Small, Rich Countries Provide Top Cardiac Care in Europe

September 12, 2008

September 12, 2008 (Munich, Germany) — Three small countries--Luxembourg, Norway, and Switzerland--have emerged as the top nations for cardiac care in Europe, according to a new report, the Euro Cardiovascular Healthcare Index 2008, presented by Dr Arne Björnberg (Health Consumer Powerhouse, Stockholm, Sweden) during a clinical-trial update session at the European Society of Cardiology Congress 2008 last week [ color="blue">1].

Björnberg said that these three do best by virtue of the fact that they have the highest healthcare spending per capita in Europe, illustrating the fact that financial muscle seems to make it easier to attain really good cardiac care. France follows hot on the heels of these countries "on the strength of prevention," he told heartwire . One of the most important factors in this, he believes, is that the French have very low rates of obesity and "the highest number of hours of physical exercise in schools of all European countries." The red-wine consumption of the French was not an indicator on the index, and besides, said Björnberg, the French do not differ much from their Mediterranean neighbors in this respect.

Behind the four leaders, with a rather large score gap, come a number of "competent" countries, said Björnberg: Austria, the Netherlands, Sweden, Slovenia, the UK, Finland, Italy, and Denmark.

One surprise success story from the index is Poland, he added. "Although they don't get a very prominent position on the whole index, the Poles actually report pretty good case fatality rates for heart disease, and they have heart-disease mortality only slightly higher than that of Germany or Sweden, which is certainly a lot lower than their neighbors in Eastern Europe. It appears that the Poles devote an unusually high proportion of their healthcare budget to cardiac disease, and they have an awful lot of cardiologists. By sheer brute force, the Poles are doing a particularly good job on cardiac care."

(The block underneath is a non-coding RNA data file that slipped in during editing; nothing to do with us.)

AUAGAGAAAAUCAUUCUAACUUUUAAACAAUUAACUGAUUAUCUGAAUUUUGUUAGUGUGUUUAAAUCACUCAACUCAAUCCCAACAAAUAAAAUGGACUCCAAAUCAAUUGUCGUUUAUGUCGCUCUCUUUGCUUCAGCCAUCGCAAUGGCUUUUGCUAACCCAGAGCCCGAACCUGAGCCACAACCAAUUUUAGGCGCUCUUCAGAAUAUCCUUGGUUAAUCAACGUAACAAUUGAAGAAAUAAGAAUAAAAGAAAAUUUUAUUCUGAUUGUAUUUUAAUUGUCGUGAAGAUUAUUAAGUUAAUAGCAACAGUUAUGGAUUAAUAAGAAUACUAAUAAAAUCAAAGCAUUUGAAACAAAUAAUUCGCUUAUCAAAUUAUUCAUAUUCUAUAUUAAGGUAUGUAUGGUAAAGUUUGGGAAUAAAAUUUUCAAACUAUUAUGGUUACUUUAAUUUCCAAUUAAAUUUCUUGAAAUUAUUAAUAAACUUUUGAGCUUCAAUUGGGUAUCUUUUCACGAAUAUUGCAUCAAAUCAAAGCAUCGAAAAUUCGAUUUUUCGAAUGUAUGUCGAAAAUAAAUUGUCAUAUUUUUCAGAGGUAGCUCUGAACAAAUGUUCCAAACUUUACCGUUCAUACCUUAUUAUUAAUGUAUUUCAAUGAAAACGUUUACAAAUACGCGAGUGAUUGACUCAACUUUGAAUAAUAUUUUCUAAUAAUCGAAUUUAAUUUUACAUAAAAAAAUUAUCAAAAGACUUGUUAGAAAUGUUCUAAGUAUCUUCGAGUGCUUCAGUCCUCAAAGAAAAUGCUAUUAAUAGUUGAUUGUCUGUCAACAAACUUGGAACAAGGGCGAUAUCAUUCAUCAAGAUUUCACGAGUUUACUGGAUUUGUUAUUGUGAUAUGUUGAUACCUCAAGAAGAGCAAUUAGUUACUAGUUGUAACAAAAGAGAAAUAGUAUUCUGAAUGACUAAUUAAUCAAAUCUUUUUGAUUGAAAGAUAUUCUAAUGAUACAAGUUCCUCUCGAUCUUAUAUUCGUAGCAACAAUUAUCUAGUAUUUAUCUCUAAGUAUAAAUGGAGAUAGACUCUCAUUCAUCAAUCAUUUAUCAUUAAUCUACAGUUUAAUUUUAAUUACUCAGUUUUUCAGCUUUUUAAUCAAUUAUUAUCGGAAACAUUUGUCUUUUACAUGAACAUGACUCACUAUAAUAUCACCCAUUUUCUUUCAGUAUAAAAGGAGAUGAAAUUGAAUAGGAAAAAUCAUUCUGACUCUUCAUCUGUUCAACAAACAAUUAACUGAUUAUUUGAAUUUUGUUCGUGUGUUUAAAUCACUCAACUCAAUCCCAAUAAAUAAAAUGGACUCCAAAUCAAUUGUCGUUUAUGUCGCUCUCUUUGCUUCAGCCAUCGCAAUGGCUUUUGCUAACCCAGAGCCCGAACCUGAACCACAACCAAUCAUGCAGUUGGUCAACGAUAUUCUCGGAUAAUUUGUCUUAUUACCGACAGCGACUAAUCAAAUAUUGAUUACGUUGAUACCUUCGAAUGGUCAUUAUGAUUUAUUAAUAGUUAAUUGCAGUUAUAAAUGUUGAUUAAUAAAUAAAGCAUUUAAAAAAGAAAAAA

Discussant of the study, Dr Günter Breithardt (Universitätsklinikum Münster, Germany), said: "This excellent report has yielded important and interesting results. As always, there is still room for improvement [and] due to [some] weaknesses, which the group is well aware of, one might debate the ranking of individual countries. However, the overall picture is more important. Even if not perfect, the Cardiovascular Healthcare Index is an important step in the right direction. Sometimes, it is better to do something, even if not perfect, instead of merely discussing what one might do."

Aim is to Empower Consumers

Björnberg told heartwire that the Euro Cardiovascular Healthcare Index (also known as the Euro Consumer Heart Index) is a compilation of data from public sources such as WHO/Organisation for Economic Co-operation and Development databases, Eurobarometers (surveys of the social and political opinions of those living in the member countries), national healthcare registries, and scientific papers. Representatives from ministries of health, cardiac societies, and other national bodies were also consulted, and all 29 states received their score sheet and were given the opportunity to validate, correct, or update the findings.